Tye said it took about six weeks to get his trail legs, and about the same amount of time to master the balance of “The AT Compromise.”
“How much convenience and how much comfort are you willing to carry? You won’t finish the trail if you fall below some basic level of comfort, but you really won’t finish the trail if your pack breaks down your joints,” he said.
Along the way, he nicknamed his backpack “Matilda,” climbed the hill-that-would-not-end, and discovered AT angels, like the one who left a Mountain Dew on the trail that “tasted … rapturous,” he said.
“Long-distance hiking is almost by definition a solitary experience,” he said. “You simply have to go at your own pace and ‘hike your own hike,’ as the saying goes out here. I don’t mind that. In the mornings, I find the solitude invigorating. In the afternoons, I am glad no one is watching my struggles.”
Gatlinburg tourists witnessed one particular struggle, which Tye self-depreciatingly described in his trail journal.
“Suffice it to say that (Gatlinburg) is capitalism run amok that will leave even the most fervent free-market proponent a bit nonplussed,” he wrote. “But they do have a completely unreliable trolley system packed with tourists who all apparently read Bill Bryson’s ‘A Walk in the Woods’ before coming to Gatlinburg to see the wilderness from their cars.
“I was a big hit with this group, and explained as we went from block to block that yes, I had started in Georgia, and yes, I intended to walk thousands of miles, and no, I am not afraid of bear attacks. I am Hiker Man, and my hiking poles will guide me and Matilda across the oldest ranges on mountains on earth. They are impressed and wish me luck. I nod, say a word of thanks, and stroll to the door of the bus … where I slip, bounce off the bottom step and lurch out into oncoming traffic with a half-pirouette move that can only be described as spasmodic.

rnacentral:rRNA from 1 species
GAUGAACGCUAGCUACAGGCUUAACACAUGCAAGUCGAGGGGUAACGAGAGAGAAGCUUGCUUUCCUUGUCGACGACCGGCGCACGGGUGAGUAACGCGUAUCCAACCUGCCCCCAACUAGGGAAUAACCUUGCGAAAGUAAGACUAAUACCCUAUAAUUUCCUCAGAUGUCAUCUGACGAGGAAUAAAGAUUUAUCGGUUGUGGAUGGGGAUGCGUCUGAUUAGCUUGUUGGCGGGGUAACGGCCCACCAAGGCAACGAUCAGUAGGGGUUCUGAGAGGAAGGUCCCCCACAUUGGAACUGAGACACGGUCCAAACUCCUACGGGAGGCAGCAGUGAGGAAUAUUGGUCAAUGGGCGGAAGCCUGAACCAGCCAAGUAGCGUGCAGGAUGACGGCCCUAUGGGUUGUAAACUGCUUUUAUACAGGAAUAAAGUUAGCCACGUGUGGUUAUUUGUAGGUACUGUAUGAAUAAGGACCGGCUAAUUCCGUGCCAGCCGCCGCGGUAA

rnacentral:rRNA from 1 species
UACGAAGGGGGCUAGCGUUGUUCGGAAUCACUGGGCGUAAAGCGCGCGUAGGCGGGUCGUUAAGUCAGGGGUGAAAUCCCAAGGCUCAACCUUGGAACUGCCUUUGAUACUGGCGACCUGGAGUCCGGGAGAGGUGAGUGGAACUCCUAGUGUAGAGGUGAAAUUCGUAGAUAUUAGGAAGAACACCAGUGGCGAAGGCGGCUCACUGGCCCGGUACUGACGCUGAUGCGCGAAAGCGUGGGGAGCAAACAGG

“I smile at the driver of the car who has braked to keep from running me over, turn to the bus and give the passengers a wave that says, ‘I’m the reason that we can’t afford national health care coverage!’”
Wet weather hampered AT hikers. For 23 days in May, rain fell, and continued the first nine days in June. When Tye crossed Max Patch in North Carolina, the highest bald on the AT, featuring stellar long-range views, the visibility was about 15 feet.
“Just about every state we were in reported record rainfall for the month that we were in it,” said Tye. “I was walking on the top of a granite slide and mistook one step and slid 60 feet down the slope, and it took me about an hour to get back up to the trail. It was really cloudy there, too, and I couldn’t see the trail because it was granite. If you can’t see the blazes on the AT, you’re screwed.”
After taking several days to “decompress,” Tye returned to Jackson via train.
“I’m glad I hiked the AT,” he said. “It gave me time to re-evaluate some of the processes of how to go about things when I get back. Most people spend quite a bit of time re-thinking their priorities in life. Others simply list tasks. Then it’s back to dealing with the normal things that occupy us all.”
Contact MBJ contributing writer Lynne W. Jeter at firstname.lastname@example.org.